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Diets of NW Atlantic fishes and squid


This page provides diet composition data for 174 species of fish and squid, based on over 123,000 stomach samples collected by the National Marine Fisheries Service between 1973 and 1990 during annual Bottom Trawl Surveys. These surveys were conducted each spring and fall, and occasionally summer and winter, between Cape Fear, North Carolina and Nova Scotia. I provide over 1,000 pie charts and extensive tabular summaries of diets based on data from 1973-80 and 1981-90 separately due to extreme differences in sampling and data processing methods. I STRONGLY discourage anyone from combining these data sets for any analyses, except when prey are lumped to the highest taxa levels (e.g., fish, polychaets, echinoderms, etc.). Do not attempt to examine long term trends in predation on fishes by combining these data sets! During 1973-80, stomach samples were preserved in the field and later processed in the laboratory. Prey weights were recorded to the nearest 0.01 grams. Tables for 1973-80 summarize the diets of 152 species, based on 40,000 samples.   During 1981-90 stomach samples were processed at sea where prey volumes to the nearest 0.1 cc were estimated. Tables for 1981-90 summarizes the diets of 117 species, based on 83,693 samples.  Besides differences in prey measurement units, basic differences in the likelihood of prey identification at specific taxon levels make comparisons among these periods difficult. Invertebrate prey were identified more accurately, and to lower taxonomic levels in the laboratory processed samples (1973-80). In contrast, fish prey were more accurately identified to species, while most invertebrates were identified only to higher taxonomic levels in the field processed samples (1981-90). Consequently, comparisons between these two periods are biased by differences in the probability of identification and should be done cautiously. Throughout the data you will see much lower diversity of fish prey in the 1973-80 data set compared to the 1981-90 data. You will also notice that for most species, predation on fish prey is much greater during the 1981-90 period simply because the fish prey were more likely to be identified.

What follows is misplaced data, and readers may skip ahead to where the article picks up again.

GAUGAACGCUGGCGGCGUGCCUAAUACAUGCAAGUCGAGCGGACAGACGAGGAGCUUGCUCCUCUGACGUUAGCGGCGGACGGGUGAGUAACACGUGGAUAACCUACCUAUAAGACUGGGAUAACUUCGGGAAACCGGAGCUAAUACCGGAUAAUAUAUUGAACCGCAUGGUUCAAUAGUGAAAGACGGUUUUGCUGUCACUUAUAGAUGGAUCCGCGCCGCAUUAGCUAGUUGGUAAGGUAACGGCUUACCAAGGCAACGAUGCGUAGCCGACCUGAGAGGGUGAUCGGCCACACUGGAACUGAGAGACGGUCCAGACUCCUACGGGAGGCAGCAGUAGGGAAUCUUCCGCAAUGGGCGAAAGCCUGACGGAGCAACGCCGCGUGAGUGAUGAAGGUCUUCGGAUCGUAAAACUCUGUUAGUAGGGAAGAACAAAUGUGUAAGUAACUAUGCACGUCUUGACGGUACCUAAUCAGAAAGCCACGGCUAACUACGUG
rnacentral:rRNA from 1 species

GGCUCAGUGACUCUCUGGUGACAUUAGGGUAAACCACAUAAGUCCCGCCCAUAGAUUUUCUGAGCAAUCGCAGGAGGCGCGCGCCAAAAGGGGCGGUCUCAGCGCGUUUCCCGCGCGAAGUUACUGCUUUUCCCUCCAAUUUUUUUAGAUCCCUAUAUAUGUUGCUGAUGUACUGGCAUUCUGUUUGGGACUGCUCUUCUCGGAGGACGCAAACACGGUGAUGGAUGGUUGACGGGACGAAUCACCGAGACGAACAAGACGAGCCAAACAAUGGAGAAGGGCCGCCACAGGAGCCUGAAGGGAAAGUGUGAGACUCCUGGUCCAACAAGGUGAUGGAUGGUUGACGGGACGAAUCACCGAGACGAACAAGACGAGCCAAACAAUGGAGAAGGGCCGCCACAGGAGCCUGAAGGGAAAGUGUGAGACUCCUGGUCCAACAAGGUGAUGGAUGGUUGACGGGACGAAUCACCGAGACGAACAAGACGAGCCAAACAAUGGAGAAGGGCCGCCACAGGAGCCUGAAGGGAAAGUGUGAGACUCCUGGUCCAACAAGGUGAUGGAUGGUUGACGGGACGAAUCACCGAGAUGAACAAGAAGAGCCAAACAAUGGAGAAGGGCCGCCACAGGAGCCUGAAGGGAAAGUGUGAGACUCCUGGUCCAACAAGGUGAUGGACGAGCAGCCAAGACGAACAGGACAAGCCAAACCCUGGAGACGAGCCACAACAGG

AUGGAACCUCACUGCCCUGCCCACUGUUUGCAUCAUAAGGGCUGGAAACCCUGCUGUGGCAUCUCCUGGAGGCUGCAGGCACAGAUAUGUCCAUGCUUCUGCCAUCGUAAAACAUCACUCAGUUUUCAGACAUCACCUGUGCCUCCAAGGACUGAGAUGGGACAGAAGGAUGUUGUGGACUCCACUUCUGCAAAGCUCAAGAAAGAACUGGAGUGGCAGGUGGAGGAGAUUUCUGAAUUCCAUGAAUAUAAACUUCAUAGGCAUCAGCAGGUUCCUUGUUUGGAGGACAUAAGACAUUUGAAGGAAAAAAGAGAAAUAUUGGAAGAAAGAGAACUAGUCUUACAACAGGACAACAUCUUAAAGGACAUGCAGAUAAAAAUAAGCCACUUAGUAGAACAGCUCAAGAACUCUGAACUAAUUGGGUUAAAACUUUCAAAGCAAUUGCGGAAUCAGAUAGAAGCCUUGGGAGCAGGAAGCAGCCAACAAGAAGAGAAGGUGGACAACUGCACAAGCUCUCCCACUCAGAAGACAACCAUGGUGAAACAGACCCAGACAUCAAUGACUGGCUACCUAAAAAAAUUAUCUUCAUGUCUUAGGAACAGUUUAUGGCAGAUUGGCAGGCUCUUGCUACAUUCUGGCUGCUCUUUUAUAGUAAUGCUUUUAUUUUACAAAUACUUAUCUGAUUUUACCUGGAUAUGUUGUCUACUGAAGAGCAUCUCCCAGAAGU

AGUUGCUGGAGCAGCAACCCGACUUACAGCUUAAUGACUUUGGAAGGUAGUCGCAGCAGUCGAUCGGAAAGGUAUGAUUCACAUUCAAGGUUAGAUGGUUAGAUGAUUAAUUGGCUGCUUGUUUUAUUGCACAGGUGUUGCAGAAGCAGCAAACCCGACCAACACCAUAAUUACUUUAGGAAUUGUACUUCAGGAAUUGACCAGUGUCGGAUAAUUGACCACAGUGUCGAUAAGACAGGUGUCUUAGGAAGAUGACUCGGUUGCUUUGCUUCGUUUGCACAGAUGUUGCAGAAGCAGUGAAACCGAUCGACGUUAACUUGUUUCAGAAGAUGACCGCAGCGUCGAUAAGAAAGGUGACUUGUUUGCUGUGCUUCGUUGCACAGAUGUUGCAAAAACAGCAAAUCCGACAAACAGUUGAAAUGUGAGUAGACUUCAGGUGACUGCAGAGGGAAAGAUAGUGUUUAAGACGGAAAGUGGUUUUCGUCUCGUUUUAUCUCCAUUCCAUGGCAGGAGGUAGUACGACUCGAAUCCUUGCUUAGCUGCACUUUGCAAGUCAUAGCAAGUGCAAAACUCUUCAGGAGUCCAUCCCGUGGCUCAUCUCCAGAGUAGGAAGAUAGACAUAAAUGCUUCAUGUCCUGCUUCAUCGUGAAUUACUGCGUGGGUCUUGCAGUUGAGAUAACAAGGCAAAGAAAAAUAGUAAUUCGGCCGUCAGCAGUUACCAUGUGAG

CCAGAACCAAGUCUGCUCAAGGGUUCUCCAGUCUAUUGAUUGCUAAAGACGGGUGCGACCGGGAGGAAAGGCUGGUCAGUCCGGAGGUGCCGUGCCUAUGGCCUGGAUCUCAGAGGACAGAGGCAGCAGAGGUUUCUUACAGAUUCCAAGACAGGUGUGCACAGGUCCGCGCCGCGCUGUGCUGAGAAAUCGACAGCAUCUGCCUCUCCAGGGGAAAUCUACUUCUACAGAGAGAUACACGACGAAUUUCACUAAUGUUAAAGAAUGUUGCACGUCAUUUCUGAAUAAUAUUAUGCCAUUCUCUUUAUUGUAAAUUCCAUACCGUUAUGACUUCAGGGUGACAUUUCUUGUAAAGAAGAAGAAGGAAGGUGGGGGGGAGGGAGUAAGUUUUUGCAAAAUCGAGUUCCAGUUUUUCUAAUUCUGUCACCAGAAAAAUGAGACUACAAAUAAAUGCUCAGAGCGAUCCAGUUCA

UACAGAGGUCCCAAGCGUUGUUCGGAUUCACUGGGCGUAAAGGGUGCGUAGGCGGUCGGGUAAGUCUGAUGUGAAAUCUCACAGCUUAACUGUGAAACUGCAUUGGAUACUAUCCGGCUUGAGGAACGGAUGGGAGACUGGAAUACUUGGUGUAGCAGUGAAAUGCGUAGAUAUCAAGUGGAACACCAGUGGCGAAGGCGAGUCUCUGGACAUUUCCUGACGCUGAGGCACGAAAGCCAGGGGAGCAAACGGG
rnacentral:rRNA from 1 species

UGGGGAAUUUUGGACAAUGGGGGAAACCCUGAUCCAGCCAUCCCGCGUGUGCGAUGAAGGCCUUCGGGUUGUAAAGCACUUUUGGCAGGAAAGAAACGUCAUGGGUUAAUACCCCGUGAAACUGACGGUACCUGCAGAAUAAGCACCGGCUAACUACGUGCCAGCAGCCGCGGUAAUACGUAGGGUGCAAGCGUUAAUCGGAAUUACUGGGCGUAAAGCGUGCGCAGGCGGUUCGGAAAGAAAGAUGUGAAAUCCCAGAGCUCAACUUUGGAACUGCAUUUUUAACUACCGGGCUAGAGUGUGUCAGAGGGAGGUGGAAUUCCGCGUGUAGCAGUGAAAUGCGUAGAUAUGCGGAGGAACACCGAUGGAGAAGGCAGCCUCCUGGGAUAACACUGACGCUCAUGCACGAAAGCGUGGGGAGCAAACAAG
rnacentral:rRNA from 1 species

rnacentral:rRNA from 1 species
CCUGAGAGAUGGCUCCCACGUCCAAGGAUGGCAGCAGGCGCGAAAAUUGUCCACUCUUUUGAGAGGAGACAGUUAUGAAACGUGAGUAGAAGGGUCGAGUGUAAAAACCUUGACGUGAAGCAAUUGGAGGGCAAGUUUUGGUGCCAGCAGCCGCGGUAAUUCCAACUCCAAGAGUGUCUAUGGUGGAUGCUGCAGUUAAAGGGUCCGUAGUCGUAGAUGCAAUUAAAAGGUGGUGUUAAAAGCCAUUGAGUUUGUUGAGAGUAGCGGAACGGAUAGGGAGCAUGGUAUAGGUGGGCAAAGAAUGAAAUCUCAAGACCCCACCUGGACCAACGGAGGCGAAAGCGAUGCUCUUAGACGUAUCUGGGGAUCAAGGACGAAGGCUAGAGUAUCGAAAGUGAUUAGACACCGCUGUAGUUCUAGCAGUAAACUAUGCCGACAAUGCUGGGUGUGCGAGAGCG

Scientific and common names of fishes and invertebrates referred to in the following text, tables and charts are based on the American Fisheries Society's standardized names lists whenever possible.  To retrieve tabular data on a species first allow the table to fully load into your browser, then do a text search on the scientific name of the species you are interested in using your browser's FIND or SEARCH option.  Note that some species occur as both predator and prey. To obtain data on the diet of a predator, repeat the search until you find the species listed as a predator in the table heading. Alternatively, to find all predators of a given prey, continue repeating the search until you find all the occurrences of the species within the predator diets. Note, you may want to avoid printing these tables from your browser, as many of them are several hundreds to several thousand of pages long. Instead, you may wish to download the table, or to cut-and-paste sections of interest.